Investment Strategy Committee Calls

 


8/11/2017

Summary

  • GDP growth remains on track in the 2%-2.5% range on an annualized basis with earnings in the 11%- 12% range for the second quarter.

  • Even without a significant increase in inflation, we could see a significant spike-up in interest rates if legislation is passed on the tax or spending side that leads to fears of larger deficits.

  • The recent trend of 2.5% annualized increases in wages is likely to continue, rather than shift up towards the longer term historical trend of 3.5% growth given the inability of companies to increase prices and how late we are in the current economic cycle.

  • U.S. export orders have become quite strong, benefitting from both increased economic growth abroad as well as increased trade competitiveness due to the slightly weaker dollar.

  • Growth in housing construction is likely to be in the 7%-8% range over the intermediate term as any increase in mortgage rates will likely be offset by the tailwinds of stronger household formation by millennials and a strong labor market.

  • MIM is currently 40%-42% international in terms of total equities and 23% emerging markets – roughly six percentage points overweight versus our target allocation.

  • Concerns of a possible pullback in global valuations impacting the more beta sensitive international and emerging have led MIM to avoid making an even larger overweighting to the space; however, MIM would use any pullback in the markets as an opportunity to increase its allocation there.

  • Domestically, MIM continues to maintain overweights to housing and banks. The tailwinds for housing remain intact (as described above) and the banks should benefit from higher long-term interest rates as the Fed begins its program to stop re-funding Treasuries and MBA’s that mature.

  • Based on current pricing, REITs seem to be anticipating rising rates and a softer economy. Some of the larger REITs are now at 15%-30% discounts to NAV with cap rates that are not particularly low, so it is probably worth looking at them if interest rates are likely to remain in the 3%-4% range.

  • The worst hit real estate investments in New York are the ones that were financed based on retail rents. The retail vacancy on 5th Avenue between Bryant Park and Central Park is now almost 30%. Retail rents doubled over the past 2-3 years, but now the whole retail market is finding itself under pressure and rents have slowed.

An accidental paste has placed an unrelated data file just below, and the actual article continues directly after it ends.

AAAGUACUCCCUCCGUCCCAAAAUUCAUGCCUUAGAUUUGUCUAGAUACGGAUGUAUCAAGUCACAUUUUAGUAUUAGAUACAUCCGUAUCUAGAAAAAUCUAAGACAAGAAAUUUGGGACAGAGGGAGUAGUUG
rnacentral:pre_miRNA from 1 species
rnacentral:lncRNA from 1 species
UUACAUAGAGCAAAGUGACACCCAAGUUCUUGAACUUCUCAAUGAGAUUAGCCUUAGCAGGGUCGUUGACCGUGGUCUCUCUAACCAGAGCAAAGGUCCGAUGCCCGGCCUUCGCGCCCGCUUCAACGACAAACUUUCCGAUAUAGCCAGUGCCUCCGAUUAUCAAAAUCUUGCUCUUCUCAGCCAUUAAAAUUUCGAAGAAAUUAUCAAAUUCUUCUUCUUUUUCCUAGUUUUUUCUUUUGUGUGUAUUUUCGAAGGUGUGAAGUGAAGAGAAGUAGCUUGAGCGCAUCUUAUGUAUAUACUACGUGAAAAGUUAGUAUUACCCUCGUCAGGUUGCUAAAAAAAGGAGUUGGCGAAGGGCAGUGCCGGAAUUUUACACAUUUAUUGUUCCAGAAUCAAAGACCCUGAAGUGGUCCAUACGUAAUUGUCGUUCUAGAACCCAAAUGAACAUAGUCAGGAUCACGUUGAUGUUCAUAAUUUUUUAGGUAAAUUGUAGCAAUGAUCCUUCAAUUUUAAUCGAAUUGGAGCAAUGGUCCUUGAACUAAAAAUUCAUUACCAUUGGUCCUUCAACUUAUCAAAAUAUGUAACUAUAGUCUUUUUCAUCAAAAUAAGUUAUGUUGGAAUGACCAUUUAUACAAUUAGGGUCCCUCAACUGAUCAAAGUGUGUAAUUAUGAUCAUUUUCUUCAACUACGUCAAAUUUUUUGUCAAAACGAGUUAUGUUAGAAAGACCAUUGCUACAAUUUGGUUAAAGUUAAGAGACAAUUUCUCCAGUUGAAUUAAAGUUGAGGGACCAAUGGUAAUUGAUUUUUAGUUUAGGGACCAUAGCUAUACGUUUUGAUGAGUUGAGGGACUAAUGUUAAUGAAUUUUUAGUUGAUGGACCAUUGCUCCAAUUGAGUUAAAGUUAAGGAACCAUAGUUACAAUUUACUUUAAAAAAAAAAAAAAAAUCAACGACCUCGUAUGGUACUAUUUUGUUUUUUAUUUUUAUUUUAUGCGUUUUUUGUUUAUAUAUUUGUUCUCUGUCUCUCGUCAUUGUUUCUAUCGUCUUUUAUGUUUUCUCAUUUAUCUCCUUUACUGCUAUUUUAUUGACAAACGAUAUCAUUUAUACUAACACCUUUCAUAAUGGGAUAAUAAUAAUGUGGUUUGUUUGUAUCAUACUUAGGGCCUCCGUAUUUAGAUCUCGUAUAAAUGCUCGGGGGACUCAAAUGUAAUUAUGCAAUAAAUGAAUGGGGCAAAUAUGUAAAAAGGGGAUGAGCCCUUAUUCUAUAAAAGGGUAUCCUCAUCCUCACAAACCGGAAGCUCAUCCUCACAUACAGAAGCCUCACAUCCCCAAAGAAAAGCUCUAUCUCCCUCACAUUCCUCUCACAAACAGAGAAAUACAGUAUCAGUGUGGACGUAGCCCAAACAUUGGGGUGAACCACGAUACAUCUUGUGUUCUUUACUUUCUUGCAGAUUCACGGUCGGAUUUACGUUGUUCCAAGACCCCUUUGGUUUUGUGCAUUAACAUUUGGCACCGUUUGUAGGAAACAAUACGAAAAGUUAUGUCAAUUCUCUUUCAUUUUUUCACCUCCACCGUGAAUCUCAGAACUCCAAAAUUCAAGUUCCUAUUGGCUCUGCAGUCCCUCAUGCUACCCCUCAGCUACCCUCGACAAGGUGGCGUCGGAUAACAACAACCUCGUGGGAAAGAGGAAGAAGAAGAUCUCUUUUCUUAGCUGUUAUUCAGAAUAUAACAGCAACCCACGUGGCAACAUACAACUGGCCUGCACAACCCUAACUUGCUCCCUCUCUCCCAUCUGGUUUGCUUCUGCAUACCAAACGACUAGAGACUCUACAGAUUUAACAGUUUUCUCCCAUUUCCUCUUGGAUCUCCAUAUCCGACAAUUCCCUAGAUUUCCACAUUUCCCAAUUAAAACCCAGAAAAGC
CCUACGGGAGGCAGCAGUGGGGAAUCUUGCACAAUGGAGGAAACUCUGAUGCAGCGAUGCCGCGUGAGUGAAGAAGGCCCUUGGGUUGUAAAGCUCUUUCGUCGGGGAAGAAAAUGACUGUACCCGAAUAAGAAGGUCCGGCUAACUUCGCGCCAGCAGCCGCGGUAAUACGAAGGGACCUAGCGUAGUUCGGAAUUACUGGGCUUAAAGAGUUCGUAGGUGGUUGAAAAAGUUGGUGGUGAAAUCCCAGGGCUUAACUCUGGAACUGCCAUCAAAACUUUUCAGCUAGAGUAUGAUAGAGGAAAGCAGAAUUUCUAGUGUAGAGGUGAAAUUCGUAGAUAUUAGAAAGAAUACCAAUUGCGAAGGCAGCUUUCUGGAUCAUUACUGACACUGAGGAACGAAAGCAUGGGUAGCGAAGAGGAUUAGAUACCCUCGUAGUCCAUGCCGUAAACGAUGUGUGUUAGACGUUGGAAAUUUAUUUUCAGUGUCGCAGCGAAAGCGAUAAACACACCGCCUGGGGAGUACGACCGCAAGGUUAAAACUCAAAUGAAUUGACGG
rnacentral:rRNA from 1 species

• The automaker stocks have been badly hit recently due to concerns related to an inventory overhang in the used car market, as well as rapid technological advancement in areas such as electric and self- driving vehicles. While newcomers like Tesla are disrupting the market, the large manufacturers seem perfectly able to compete on a number of these new technological fronts.


8/11/2017

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Summary

  • GDP growth remains on track in the 2%-2.5% range on an annualized basis with earnings in the 11%- 12% range for the second quarter.

  • Even without a significant increase in inflation, we could see a significant spike-up in interest rates if legislation is passed on the tax or spending side that leads to fears of larger deficits.

  • The recent trend of 2.5% annualized increases in wages is likely to continue, rather than shift up towards the longer term historical trend of 3.5% growth given the inability of companies to increase prices and how late we are in the current economic cycle.

  • U.S. export orders have become quite strong, benefitting from both increased economic growth abroad as well as increased trade competitiveness due to the slightly weaker dollar.

  • Growth in housing construction is likely to be in the 7%-8% range over the intermediate term as any increase in mortgage rates will likely be offset by the tailwinds of stronger household formation by millennials and a strong labor market.

  • MIM is currently 40%-42% international in terms of total equities and 23% emerging markets – roughly six percentage points overweight versus our target allocation.

  • Concerns of a possible pullback in global valuations impacting the more beta sensitive international and emerging have led MIM to avoid making an even larger overweighting to the space; however, MIM would use any pullback in the markets as an opportunity to increase its allocation there.

  • Domestically, MIM continues to maintain overweights to housing and banks. The tailwinds for housing remain intact (as described above) and the banks should benefit from higher long-term interest rates as the Fed begins its program to stop re-funding Treasuries and MBA’s that mature.

  • Based on current pricing, REITs seem to be anticipating rising rates and a softer economy. Some of the larger REITs are now at 15%-30% discounts to NAV with cap rates that are not particularly low, so it is probably worth looking at them if interest rates are likely to remain in the 3%-4% range.

  • The worst hit real estate investments in New York are the ones that were financed based on retail rents. The retail vacancy on 5th Avenue between Bryant Park and Central Park is now almost 30%. Retail rents doubled over the past 2-3 years, but now the whole retail market is finding itself under pressure and rents have slowed.

  • The automaker stocks have been badly hit recently due to concerns related to an inventory overhang in the used car market, as well as rapid technological advancement in areas such as electric and self- driving vehicles. While newcomers like Tesla are disrupting the market, the large manufacturers seem perfectly able to compete on a number of these new technological fronts.